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Back You are here: Home Columns Weekly Columns For Your Consideration For Your Consideration: The First Amendment

For Your Consideration: The First Amendment

By CHARLIE ALLO
Contributing Writer

One may tire of continually hearing the phrase “the separation of church and state” as a part of the U.S. Constitution; there is no wording in the Constitution that even comes close to giving any validity to this oft quoted phrase. The First Amendment reads in part: “Congress shall make no law respecting an establishment of religion, or prohibiting the free exercise thereof;”, this statement does not support the common perception of the relationship between the government and religion.
Given the fact that our Constitution does not allow Congress to make any laws establishing a religion, or to prohibit the free expression of religion, one could suggest that it is entirely up to a community as to the expression of a religion’s observance; it would be interesting to see how the Supreme Court would rule on this question.
There is a statement in the Constitution that suggest that anything that is not covered by Congress and not denied the states, that they may make pronouncements related to this area, but one would be inclined to think that the states would hold the same position as the U.S. Congress, if this were the case then it would fall to the populace, but not as a rule of law, only as an expression; this would appear to come under the freedom of speech.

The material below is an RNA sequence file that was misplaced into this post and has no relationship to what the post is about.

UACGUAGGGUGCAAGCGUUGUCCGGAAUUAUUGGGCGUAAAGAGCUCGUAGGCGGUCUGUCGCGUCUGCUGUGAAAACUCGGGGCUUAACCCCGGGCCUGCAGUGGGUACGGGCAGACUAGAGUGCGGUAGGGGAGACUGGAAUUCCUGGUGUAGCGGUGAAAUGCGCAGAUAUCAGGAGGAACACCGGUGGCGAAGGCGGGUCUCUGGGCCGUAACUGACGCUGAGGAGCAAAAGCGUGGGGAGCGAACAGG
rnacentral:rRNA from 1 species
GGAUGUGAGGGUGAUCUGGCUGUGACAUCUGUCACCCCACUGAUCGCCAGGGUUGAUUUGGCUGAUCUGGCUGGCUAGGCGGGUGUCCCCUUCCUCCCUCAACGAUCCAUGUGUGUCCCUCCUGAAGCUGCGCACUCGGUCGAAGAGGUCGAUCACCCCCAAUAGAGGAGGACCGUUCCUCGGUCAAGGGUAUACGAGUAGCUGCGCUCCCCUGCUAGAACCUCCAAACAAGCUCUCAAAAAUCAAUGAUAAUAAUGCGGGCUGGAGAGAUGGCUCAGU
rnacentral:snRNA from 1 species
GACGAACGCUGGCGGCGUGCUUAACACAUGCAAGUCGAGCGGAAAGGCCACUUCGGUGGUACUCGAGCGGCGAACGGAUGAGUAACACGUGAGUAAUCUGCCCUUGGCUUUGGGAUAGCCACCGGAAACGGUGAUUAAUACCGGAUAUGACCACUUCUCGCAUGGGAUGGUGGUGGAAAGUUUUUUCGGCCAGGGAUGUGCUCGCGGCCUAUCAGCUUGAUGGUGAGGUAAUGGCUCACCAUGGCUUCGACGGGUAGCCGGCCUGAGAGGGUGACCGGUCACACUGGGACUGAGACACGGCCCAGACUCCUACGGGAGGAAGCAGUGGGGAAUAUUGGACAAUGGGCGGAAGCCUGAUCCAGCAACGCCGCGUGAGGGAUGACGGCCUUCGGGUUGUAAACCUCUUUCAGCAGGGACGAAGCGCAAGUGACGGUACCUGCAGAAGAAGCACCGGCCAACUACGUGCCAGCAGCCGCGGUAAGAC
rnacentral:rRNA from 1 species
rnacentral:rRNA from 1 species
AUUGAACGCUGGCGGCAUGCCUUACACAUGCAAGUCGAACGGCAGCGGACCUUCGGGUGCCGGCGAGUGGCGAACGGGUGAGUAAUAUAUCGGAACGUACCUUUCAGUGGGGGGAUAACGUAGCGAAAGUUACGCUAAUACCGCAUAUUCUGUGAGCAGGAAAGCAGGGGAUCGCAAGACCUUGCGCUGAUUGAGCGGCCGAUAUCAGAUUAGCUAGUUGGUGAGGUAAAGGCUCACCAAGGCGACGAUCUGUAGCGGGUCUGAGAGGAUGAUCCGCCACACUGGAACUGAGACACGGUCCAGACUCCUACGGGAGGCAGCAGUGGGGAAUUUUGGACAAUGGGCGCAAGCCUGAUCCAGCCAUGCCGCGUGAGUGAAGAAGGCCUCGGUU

The claim has been made that our Constitution has within its framework many of the principles of the Judeo-Christian religion; if this is indeed a fact, then it would be hard to deny the free expression of a religious holiday.
One finds it difficult to fault the basic principles that are expressed during the Christmas season; it would seem more appropriate to embrace these principles given the direction of our society. It would be a mistake to think that atheists do not have a moral value system; if this is the case, their value system should contain many of the principles expressed in the Judeo-Christian religion. It’s a shame that some of these atheists can’t accept the salutation “Merry Christmas” as a positive message, regardless of their position on the concept of God.  Evidently, there is still a large portion of the population that would like to have Christmas back the way it use to be; this concept of being political correct is starting to get out of hand, and the practice of preventing the freedom of expression because there are a small groups of people that are opposed to an action or expression is getting to be more than a little out of kilter. If this is part of the fundamental change in our country, it is a change that many of us can do without. Here’s hoping everyone will have a good old fashion “Merry Christmas”, it might even be a good time to think of the messages behind the reason for this holiday, including all the positive feeling that are intended for our fellow man.